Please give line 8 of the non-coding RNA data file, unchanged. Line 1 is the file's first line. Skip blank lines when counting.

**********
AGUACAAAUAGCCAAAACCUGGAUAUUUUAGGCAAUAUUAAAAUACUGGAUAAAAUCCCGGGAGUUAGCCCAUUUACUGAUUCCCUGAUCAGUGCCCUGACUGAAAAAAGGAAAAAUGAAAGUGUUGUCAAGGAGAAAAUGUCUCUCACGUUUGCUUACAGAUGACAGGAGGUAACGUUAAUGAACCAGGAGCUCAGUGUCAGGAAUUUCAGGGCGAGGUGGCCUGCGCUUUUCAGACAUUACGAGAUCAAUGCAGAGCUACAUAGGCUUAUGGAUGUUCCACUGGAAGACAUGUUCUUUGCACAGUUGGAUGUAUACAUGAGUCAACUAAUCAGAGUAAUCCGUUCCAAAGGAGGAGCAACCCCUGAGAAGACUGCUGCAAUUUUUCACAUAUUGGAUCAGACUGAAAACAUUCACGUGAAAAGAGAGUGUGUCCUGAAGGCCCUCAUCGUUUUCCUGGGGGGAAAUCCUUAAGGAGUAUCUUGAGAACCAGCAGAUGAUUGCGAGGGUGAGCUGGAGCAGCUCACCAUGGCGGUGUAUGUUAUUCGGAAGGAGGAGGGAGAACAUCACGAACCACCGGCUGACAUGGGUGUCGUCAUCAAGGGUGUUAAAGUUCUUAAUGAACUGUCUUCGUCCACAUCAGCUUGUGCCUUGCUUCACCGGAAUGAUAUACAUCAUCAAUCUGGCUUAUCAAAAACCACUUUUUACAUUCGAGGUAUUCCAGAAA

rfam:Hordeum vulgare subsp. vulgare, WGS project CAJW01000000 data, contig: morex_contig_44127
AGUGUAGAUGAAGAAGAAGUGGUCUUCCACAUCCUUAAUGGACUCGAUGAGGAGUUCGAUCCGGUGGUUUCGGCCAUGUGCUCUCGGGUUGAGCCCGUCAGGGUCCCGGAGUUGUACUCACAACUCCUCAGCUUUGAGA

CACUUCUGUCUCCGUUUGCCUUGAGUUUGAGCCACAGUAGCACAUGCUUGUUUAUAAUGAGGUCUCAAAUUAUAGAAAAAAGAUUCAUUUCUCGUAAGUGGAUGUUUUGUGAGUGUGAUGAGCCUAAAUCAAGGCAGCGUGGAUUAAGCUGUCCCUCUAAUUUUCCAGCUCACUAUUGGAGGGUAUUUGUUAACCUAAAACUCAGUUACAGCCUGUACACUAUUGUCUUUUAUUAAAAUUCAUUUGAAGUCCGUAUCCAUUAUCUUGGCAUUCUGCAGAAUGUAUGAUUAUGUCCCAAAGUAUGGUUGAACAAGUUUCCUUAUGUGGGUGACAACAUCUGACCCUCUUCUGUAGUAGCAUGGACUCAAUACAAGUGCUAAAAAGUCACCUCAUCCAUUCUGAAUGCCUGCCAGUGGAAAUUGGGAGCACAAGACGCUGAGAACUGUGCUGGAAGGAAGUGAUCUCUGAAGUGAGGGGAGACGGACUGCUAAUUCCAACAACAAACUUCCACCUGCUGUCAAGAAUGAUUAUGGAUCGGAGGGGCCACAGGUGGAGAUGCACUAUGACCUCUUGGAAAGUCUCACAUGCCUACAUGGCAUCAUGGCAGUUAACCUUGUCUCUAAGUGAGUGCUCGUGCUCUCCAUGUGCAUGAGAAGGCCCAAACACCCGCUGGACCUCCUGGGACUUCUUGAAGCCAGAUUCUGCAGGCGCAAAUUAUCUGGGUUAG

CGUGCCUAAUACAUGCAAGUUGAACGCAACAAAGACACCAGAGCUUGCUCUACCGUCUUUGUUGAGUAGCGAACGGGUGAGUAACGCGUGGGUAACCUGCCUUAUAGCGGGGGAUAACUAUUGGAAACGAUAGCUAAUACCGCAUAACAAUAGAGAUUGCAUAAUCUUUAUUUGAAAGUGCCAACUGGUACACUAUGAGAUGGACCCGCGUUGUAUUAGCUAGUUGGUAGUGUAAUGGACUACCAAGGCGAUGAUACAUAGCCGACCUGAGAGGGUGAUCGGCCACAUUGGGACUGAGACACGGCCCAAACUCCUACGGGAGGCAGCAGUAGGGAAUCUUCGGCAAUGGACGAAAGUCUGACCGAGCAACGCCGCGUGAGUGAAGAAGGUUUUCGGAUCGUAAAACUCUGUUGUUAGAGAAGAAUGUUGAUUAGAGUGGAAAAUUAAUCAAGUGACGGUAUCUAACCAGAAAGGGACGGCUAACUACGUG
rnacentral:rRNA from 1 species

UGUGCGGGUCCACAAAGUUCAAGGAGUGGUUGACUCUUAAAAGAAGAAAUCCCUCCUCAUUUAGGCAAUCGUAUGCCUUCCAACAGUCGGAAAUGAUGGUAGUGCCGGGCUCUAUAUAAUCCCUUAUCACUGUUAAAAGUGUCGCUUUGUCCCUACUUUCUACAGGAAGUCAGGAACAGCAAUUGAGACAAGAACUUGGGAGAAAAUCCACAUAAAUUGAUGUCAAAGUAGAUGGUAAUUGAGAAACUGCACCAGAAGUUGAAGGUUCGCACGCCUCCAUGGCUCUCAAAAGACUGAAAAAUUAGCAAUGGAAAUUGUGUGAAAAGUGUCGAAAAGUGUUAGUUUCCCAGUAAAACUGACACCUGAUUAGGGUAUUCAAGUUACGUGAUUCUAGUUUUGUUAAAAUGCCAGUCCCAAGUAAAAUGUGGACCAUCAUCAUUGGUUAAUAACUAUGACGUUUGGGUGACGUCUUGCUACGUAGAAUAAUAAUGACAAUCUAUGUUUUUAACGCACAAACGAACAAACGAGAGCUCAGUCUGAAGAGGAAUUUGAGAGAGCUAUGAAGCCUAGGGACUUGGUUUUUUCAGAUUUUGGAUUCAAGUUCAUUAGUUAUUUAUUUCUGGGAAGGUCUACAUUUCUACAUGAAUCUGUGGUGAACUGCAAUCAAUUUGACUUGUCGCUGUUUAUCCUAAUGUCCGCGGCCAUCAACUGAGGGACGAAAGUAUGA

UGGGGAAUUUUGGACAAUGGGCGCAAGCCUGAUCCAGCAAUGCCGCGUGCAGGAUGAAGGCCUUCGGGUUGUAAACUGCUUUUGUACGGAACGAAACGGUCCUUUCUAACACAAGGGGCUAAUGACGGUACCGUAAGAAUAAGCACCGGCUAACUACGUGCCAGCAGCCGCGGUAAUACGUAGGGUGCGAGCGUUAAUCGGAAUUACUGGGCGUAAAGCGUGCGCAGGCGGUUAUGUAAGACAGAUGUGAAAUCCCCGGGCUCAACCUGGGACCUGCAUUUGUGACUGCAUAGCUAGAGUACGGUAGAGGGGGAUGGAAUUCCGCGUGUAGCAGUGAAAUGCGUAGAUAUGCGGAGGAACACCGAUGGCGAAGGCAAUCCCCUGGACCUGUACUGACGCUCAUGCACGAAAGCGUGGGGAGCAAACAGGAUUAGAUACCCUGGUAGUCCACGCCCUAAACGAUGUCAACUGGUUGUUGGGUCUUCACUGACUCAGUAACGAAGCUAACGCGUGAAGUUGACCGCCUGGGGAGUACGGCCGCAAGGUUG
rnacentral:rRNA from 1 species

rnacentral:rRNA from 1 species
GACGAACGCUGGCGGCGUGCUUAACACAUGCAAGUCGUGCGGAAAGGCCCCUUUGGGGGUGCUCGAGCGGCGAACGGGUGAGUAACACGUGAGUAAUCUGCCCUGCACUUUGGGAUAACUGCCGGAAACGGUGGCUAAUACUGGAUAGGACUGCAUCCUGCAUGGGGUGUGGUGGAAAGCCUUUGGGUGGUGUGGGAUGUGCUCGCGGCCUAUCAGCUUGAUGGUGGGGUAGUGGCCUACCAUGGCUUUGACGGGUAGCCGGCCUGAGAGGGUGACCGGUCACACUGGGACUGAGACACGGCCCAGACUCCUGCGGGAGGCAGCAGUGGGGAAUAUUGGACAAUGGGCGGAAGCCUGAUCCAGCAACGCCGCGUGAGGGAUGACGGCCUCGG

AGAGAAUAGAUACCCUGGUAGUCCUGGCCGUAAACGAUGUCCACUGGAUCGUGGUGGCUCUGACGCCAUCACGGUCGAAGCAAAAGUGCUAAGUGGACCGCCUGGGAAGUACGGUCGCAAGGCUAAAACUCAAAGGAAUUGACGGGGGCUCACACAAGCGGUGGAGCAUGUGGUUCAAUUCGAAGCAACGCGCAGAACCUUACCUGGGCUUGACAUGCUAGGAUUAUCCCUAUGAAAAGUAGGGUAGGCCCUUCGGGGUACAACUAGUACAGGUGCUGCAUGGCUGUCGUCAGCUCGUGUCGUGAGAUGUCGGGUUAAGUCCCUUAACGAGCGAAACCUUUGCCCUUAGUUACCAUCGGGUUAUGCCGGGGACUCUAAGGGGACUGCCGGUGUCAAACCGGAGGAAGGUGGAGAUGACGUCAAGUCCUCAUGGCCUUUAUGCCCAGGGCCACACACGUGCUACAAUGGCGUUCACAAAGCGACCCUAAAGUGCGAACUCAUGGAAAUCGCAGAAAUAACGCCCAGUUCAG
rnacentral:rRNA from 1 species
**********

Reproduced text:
UGGGGAAUUUUGGACAAUGGGCGCAAGCCUGAUCCAGCAAUGCCGCGUGCAGGAUGAAGGCCUUCGGGUUGUAAACUGCUUUUGUACGGAACGAAACGGUCCUUUCUAACACAAGGGGCUAAUGACGGUACCGUAAGAAUAAGCACCGGCUAACUACGUGCCAGCAGCCGCGGUAAUACGUAGGGUGCGAGCGUUAAUCGGAAUUACUGGGCGUAAAGCGUGCGCAGGCGGUUAUGUAAGACAGAUGUGAAAUCCCCGGGCUCAACCUGGGACCUGCAUUUGUGACUGCAUAGCUAGAGUACGGUAGAGGGGGAUGGAAUUCCGCGUGUAGCAGUGAAAUGCGUAGAUAUGCGGAGGAACACCGAUGGCGAAGGCAAUCCCCUGGACCUGUACUGACGCUCAUGCACGAAAGCGUGGGGAGCAAACAGGAUUAGAUACCCUGGUAGUCCACGCCCUAAACGAUGUCAACUGGUUGUUGGGUCUUCACUGACUCAGUAACGAAGCUAACGCGUGAAGUUGACCGCCUGGGGAGUACGGCCGCAAGGUUG